Thursday 26 April 2012

Compiling VIM on OS X Lion with Python and Ruby support


I like VIM and I’ve been trying in earnest to learn it since 2011. I’ve had spates where I’ve tried to use it as my main editor of choice, but I always return to TextMate because I’m not as fast in VIM as I am in TextMate. Not necessarily because I get to use a mouse, but because I’ve been using TextMate solid for since 2006.

The two main reasons that I want to use VIM as main editor is that it’s portable and powerful. I can use it when I’m ssh’d into a linux box, at my desk or ssh’d into my laptop. Being able to have a powerful editor and have all three editing environments be exactly the same is a huge plus. There is also the smaller stuff, like no waiting for version two releases. After seven versions VIM is arguably feature rich and ready for anything I can throw at it.

To get to the point where I can use VIM full time, I need to be able to –

  1. Navigate file structures quickly
  2. Navigate within a file quickly
  3. Be unaware of the controls and commands, being only aware of the work
  4. Be able to extend and customise VIM to my liking - fonts, colour schemes, plugins etc etc.

For the next 30 days I’ll be posting my escapades in this journey.

Now for the juicy stuff.

Getting, compiling and install VIM.

I’ve used MacVim and I know that OSX ships with a VIM, but I don’t like that MacVim runs in a separate window and the version of VIM that ships with OSX doesn’t have ruby or python support compiled in. For this reason I want to compile my own version so that I know how to do it and more importantly, I can recompile it if I need to alter the binary later on.

Getting the source

It’s recommended to install from the source and I’m going to get the source from the VIM mercurial repository so I can update later on. To do this you’ll need to have mercurial installed –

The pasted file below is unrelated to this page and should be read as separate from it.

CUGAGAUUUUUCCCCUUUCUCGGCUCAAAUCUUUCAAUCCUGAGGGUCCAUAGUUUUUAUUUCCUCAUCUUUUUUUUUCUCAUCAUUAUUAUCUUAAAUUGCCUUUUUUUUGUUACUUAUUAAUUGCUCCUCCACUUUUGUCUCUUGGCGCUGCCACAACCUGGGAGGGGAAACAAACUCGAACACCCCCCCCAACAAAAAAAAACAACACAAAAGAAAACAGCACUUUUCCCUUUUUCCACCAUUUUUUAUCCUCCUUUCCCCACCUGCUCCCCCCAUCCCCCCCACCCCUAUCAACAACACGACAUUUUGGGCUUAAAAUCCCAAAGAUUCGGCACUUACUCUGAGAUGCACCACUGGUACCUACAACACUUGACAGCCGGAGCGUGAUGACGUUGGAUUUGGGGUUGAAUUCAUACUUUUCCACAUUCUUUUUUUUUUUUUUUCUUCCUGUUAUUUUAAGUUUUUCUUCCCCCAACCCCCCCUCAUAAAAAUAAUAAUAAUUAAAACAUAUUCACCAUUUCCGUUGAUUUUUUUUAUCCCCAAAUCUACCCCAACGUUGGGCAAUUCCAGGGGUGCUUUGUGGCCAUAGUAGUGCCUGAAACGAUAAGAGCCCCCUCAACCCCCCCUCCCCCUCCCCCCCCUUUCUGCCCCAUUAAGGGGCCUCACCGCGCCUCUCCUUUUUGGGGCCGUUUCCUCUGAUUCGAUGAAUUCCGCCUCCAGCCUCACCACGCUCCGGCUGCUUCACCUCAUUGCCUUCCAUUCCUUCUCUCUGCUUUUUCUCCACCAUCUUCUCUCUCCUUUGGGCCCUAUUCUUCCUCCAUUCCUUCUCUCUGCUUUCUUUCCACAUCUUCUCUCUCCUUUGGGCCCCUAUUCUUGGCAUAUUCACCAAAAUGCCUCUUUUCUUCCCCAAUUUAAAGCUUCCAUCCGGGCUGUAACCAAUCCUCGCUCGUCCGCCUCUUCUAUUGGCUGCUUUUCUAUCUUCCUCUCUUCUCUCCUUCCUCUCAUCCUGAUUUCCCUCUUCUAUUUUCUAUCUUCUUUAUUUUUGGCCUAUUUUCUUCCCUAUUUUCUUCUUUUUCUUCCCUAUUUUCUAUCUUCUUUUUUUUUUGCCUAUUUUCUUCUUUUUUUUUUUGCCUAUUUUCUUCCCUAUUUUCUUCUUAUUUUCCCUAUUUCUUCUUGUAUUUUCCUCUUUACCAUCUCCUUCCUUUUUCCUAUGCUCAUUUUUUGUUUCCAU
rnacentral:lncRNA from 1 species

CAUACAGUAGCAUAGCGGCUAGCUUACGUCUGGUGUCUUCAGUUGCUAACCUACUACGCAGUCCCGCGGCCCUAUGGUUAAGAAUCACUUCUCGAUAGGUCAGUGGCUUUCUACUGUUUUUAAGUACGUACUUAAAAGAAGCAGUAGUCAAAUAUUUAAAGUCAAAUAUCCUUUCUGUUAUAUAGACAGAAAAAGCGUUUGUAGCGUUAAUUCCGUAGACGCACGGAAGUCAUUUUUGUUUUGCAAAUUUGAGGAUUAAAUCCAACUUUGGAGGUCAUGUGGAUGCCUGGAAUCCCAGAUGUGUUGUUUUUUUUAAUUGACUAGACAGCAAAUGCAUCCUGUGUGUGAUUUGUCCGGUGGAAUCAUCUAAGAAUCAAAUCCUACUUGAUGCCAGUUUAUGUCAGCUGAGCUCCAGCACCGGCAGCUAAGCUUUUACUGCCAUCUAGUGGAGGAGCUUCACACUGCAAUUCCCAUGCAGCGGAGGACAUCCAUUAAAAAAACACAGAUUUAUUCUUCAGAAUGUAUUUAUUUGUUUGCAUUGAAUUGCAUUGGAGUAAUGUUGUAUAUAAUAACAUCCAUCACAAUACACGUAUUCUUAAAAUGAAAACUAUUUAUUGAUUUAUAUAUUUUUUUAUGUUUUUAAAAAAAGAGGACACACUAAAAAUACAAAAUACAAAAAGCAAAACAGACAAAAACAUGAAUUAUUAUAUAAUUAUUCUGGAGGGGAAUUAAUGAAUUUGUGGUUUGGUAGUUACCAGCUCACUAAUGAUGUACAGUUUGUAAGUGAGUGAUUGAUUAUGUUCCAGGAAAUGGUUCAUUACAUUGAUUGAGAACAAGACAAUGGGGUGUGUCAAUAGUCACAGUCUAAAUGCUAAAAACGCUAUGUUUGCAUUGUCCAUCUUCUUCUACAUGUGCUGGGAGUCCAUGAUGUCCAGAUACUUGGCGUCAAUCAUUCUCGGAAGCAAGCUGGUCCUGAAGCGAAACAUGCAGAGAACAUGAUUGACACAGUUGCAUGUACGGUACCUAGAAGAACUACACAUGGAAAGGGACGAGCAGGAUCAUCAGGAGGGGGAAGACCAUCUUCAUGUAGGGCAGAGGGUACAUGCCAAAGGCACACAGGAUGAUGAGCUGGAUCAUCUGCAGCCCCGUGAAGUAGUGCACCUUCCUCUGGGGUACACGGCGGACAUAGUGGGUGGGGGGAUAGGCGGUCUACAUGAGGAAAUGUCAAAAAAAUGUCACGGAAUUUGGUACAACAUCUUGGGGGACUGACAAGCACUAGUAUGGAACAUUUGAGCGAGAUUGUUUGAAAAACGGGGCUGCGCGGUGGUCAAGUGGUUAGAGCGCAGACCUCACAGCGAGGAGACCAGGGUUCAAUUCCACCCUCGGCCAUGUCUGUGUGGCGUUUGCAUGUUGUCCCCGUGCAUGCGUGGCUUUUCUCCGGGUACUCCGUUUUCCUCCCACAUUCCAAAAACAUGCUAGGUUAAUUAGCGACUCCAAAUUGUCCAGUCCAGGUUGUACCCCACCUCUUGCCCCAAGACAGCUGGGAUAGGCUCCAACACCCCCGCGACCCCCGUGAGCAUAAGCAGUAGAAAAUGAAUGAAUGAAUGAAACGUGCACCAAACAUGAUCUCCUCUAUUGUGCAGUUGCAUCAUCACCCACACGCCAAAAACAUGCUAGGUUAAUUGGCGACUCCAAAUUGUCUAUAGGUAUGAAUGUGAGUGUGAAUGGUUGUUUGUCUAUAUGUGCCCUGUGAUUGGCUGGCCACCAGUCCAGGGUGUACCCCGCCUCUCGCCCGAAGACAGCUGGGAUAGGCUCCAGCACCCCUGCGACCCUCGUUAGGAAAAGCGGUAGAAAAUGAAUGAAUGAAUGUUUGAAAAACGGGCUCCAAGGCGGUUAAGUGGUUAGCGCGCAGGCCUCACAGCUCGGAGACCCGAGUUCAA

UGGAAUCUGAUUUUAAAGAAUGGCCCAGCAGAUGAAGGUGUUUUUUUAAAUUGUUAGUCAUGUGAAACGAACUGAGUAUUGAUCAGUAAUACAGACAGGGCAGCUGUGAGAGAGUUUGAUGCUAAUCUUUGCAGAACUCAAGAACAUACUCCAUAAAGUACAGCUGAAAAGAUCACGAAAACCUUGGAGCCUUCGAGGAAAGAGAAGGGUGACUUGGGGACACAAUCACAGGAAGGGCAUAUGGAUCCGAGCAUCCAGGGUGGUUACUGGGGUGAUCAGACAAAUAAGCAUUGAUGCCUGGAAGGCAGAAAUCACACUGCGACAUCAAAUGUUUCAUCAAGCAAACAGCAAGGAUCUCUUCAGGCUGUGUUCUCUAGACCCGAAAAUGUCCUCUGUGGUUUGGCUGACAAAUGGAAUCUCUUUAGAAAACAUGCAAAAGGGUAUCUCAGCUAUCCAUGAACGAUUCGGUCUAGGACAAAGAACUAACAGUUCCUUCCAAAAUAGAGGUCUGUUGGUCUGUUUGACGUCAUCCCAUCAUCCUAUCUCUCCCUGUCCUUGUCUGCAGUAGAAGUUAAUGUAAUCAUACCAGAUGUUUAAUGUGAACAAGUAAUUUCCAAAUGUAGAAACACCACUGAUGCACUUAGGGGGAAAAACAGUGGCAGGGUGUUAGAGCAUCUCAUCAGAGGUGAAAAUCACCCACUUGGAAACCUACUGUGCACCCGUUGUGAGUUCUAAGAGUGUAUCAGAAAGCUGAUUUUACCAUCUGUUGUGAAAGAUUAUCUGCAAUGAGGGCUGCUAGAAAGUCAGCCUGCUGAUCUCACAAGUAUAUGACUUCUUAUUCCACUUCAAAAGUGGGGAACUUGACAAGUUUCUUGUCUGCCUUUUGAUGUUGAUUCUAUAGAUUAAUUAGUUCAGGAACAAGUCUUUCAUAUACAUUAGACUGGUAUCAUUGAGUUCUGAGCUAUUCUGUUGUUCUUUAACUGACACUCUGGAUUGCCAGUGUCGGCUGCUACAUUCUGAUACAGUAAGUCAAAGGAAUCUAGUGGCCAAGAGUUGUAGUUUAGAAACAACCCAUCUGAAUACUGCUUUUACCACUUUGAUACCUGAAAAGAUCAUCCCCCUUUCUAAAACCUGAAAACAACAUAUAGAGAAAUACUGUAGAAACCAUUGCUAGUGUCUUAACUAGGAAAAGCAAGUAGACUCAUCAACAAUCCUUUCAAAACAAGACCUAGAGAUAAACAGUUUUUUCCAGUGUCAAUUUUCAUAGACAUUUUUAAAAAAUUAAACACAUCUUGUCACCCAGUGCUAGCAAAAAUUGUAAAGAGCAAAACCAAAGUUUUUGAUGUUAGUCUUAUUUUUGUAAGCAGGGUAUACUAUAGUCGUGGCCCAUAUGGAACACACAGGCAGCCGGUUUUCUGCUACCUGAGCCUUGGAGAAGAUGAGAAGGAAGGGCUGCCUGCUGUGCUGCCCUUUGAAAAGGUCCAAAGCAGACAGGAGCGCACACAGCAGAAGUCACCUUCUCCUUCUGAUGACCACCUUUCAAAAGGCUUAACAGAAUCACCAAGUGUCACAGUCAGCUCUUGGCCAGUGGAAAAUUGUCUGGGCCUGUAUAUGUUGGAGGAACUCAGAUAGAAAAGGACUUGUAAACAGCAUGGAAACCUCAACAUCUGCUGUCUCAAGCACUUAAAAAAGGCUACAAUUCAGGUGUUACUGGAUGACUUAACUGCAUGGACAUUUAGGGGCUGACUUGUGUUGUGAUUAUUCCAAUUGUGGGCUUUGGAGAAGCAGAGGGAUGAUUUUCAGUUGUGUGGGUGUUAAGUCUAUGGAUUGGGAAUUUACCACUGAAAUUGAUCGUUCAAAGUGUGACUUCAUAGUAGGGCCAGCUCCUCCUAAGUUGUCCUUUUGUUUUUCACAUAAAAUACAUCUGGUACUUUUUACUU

hg clone vim 

Before we can start compiling we need to know what options are available to us. So cd into the vim src folder and ask configure for help. It’ll spit back a lot –

 ./configure --help 

That’s a lot, so if you get lost you can always use grep to hunt out the bits you want –

 ./configure --help | grep python 

So after a bit of poking around I’ve decided that I’m going to compile VIM with both Ruby and Python interpreters enabled, with all features enabled and I’m going to install it into my /usr/local/ directory. Here’s the configure flags –

 ./configure --prefix=/usr/local/ \             --enable-rubyinterp \             --enable-pythoninterp \             --with-features=huge 

Now that it’s compiled we can make it and install it, that’s super simple. Just make sure you’ve got write permissions into /usr/local

 make && make install 

You’re now installed, but if you have an OS that ships with a precompiled version you’ll want to make sure that when you type vim that your version is used. To do this make sure that /usr/local/bin is on the path before the system wide bin directories. To do this you need to edit your .bashrc or .bash_login file –

 vim $HOME/.bash_login 

Add something like the below. Here you can see that the first port of call is ~/bin then /usr/local/bin and /usr/local/sbin and finally whatever the system wide $PATH is set to.

 export PATH="~/bin:/usr/local/bin:/usr/local/sbin:$PATH" 

You can now test it and if all goes according to plan you should see something like this

Your freshly compiled installation of VIM

Before I wrap up for my first day of my VIM Quest there’s two more things I want to do. Firstly, I often type vi to get into VIM because before VIM there was VI. Technically I know that by typing vi I’m actually calling a different binary but I do it a lot because it’s one less keystroke. Secondly I want to set VIM as my editor of choice. I can do both of these things in my .bash_login/.bashrc files –

 export EDITOR="vim" alias vi="/usr/local/bin/vim" 

Now just reload your .bash_login/.bashrc file and you’re good to go

 source $HOME/.bash_login 


In day one of my VIM Quest I compiled a custom binary of ViM and enabled everything that I want. I then installed it into my /usr/local/ folder and set up my environment by editing my .bash_login/.bashrc file.

The scene is set for day two.